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A Difficult Tax Year Behind Us, But 2012 Could Be Even Harder

May 09, 2012

Andrew S. Lattimer, CPA
Partner
BlumShapiro

Another grueling tax season has passed, this one more difficult than the previous one.  Thanks to new increased disclosure filing requirements for Schedule D, brokerage statements that came later than usual, and the mere fact that there was an extra day due to Leap Year, made this year’s season seem longer and much more of a challenge.  It’s great to have it behind us, but now is the time – believe it or not – to start looking towards next year.

There are several key tax provisions that expired this year, as well as others that will expire after December 31, 2012.  With the election this upcoming year, the chance of getting changes made before November is unlikely.

The provisions that expired on December 31, 2011 will certainly hit most taxpayers in their wallet if they are not extended another year.  The largest tax provision would be the higher Alternative Tax Exemption or AMT patch.  In 2011, a taxpayer filing a joint return was allowed an AMT exemption amount of $74,450.  Without an extension of this tax provision, that same AMT exemption amount would decrease to $45,000, which is, of course, a tremendous drop.  And with an AMT tax rate of 26%, this could cost taxpayers approximately $7,500, as well as increase the number of taxpayers affected by the AMT.

Several other popular tax breaks that have expired are direct IRA payouts to charity, the Research and Development Tax Credit, the college tuition deduction and the write-off of $250 of supplies for teachers.  In addition, for taxpayers that live in a low- or no-income tax state, the use of state sales tax as an itemized deduction has expired.

But that is what has already expired. The bigger issue lies with the tax provisions that will expire on December 31, 2012. 

These issues need to be addressed before they expire, and will likely play a role in a Presidential hopeful’s platform.  The biggest issue looming is the sunsetting of the Bush tax cuts, which would eliminate the lower income tax rates.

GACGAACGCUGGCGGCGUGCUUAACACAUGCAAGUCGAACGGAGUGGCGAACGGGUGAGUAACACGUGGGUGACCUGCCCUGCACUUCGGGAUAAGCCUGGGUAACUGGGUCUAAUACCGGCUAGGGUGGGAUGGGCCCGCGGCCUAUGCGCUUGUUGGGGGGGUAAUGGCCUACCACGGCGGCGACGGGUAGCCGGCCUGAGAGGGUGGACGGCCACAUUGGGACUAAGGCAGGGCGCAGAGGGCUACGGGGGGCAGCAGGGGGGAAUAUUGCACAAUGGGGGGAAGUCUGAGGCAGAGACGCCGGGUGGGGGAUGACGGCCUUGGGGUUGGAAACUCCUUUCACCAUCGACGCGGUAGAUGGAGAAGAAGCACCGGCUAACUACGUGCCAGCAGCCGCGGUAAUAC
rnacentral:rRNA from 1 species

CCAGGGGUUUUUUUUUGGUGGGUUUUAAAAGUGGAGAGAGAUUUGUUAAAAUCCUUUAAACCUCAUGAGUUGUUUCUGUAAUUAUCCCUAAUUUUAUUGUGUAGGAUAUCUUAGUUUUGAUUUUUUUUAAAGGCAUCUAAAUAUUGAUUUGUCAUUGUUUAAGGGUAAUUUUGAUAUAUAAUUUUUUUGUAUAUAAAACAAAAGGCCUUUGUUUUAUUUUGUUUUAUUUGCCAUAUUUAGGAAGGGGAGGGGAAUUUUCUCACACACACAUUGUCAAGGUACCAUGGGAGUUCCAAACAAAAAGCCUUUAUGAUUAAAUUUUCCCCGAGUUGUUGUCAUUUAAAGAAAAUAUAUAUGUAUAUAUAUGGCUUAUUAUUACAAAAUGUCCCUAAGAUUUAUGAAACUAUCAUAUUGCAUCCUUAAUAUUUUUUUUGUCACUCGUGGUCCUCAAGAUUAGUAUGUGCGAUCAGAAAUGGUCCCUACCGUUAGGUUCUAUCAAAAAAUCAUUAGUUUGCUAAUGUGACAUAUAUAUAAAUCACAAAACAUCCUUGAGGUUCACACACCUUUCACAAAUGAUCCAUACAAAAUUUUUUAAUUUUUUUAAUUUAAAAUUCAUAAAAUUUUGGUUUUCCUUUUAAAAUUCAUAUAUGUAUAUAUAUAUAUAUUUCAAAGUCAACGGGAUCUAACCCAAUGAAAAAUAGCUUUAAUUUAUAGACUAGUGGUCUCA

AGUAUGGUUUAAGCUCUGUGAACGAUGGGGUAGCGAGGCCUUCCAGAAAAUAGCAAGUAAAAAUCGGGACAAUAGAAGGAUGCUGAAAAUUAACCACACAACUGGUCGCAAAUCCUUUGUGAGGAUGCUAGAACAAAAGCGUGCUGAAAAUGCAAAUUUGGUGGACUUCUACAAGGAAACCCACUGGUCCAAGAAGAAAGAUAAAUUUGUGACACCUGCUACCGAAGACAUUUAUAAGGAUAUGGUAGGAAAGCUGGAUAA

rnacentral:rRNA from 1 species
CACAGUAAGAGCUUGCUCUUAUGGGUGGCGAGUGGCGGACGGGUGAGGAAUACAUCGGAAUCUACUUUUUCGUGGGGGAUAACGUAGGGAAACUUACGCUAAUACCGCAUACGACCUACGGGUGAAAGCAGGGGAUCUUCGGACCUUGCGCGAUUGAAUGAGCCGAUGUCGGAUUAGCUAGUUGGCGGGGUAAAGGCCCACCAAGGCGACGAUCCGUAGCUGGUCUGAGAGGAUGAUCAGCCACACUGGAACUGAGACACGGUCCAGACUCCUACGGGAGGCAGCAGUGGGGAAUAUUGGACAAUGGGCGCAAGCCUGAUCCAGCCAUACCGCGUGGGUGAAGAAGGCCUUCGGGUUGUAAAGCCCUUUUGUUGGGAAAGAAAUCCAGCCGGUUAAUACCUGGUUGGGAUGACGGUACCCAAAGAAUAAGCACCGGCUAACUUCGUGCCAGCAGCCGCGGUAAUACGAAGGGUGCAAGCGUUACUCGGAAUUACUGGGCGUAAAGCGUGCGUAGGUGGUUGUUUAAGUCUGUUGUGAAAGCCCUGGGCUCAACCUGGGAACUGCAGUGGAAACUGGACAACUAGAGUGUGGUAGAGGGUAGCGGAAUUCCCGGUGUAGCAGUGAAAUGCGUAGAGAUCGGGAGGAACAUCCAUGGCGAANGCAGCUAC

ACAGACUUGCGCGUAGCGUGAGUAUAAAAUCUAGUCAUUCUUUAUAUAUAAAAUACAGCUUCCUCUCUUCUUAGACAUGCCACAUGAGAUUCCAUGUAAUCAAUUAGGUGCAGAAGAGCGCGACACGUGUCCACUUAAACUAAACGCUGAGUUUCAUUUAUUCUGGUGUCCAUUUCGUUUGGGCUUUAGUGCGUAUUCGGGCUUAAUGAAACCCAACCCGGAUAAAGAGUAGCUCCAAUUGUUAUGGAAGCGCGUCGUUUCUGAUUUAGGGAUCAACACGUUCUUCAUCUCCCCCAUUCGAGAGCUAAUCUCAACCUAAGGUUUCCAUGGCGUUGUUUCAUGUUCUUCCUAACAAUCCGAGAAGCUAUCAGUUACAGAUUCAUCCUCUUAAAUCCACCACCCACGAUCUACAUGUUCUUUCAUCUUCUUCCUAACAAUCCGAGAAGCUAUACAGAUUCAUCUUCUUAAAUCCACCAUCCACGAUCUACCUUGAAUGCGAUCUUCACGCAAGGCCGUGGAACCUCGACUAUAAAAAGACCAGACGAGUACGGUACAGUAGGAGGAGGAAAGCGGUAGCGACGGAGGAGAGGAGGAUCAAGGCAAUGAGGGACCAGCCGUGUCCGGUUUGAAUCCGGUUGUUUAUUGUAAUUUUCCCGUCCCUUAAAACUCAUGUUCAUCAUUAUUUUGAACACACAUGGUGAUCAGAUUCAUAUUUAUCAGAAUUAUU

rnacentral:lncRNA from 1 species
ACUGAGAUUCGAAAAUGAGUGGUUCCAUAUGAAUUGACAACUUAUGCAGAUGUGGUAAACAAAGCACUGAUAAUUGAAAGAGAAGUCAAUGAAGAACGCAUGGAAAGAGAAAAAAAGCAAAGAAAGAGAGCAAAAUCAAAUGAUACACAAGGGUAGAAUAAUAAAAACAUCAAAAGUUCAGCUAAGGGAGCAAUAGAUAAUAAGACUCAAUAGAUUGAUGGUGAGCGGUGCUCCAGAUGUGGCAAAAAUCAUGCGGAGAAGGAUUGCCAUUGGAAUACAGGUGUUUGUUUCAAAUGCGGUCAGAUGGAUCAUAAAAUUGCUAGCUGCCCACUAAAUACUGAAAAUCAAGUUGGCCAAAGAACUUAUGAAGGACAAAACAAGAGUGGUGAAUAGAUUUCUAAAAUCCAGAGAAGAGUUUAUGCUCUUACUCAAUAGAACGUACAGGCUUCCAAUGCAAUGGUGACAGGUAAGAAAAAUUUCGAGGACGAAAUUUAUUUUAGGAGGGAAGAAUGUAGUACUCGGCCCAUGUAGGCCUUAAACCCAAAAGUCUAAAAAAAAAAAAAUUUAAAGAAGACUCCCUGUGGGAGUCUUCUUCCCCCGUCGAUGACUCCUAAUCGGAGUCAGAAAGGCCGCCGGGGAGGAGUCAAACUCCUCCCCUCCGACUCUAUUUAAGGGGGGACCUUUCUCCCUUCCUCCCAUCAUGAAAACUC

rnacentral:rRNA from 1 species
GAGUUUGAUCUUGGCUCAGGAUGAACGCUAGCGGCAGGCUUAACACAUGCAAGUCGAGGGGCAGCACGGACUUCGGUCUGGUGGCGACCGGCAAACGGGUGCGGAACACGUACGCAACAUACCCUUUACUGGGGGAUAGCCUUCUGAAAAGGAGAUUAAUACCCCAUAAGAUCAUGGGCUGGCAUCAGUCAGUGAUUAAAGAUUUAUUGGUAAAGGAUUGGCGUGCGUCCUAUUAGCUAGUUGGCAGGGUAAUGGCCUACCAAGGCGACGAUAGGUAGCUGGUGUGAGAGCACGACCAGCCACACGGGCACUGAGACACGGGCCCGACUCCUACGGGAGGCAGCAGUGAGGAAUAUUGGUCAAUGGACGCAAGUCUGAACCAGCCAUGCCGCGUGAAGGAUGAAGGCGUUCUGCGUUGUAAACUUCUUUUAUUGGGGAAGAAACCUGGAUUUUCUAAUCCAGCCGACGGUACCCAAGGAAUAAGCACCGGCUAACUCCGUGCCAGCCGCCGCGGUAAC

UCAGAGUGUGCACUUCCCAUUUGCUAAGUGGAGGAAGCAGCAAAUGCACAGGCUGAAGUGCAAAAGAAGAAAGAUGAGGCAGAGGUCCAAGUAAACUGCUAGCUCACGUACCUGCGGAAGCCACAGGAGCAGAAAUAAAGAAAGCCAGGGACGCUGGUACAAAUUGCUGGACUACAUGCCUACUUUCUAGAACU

Currently, the highest tax rate is 35%, but will increase to 39.6% with the expiration of these tax cuts.  In addition, the 15% maximum tax rate for long-term capital gains would be eliminated and increased to 20%.  Finally, qualified dividends currently taxed at 15% would be taxed at ordinary income rates that could be as high as 39.6%.

The bottom line is this – without legislation to keep these tax rates, people should expect to see a higher tax bill in 2013.

In addition to tax rates increasing, the repeal of the personal exemption and itemized deduction phase-outs will be back.  So not only will people pay a higher rate, but will also not have the same deductions as in the past, increasing the amount of taxable income.

Finally, the tax rates for estate and gift taxes will increase.  Currently, the maximum tax rate is 35%, but this too will increase to a maximum rate of 55%.  Also expiring would be the larger exemptions and the ability for a surviving spouse to take the late spouse’s unused exemption.

So buckle your seat belt for 2012 – this will be a wild ride, especially if those in charge in Washington D.C. don’t extend many of these important tax provisions.

Andrew S. Lattimer, CPA, is a partner with BlumShapiro, the largest regional accounting, tax and business consulting firm based in New England, with offices in Connecticut and Massachusetts.  The firm, with nearly 300 professionals and staff, offers a diversity of services which includes auditing, accounting, tax and business advisory services.  In addition, BlumShapiro provides a variety of specialized consulting services such as succession and estate planning, business technology services, employee benefit plans, litigation support and valuation, and financial staffing.  The firm, with offices in West Hartford and Shelton, CT and Boston and Rockland, MA, serves a wide range of privately held companies, government and non-profit organizations and provides non-audit services for publicly traded companies.

 

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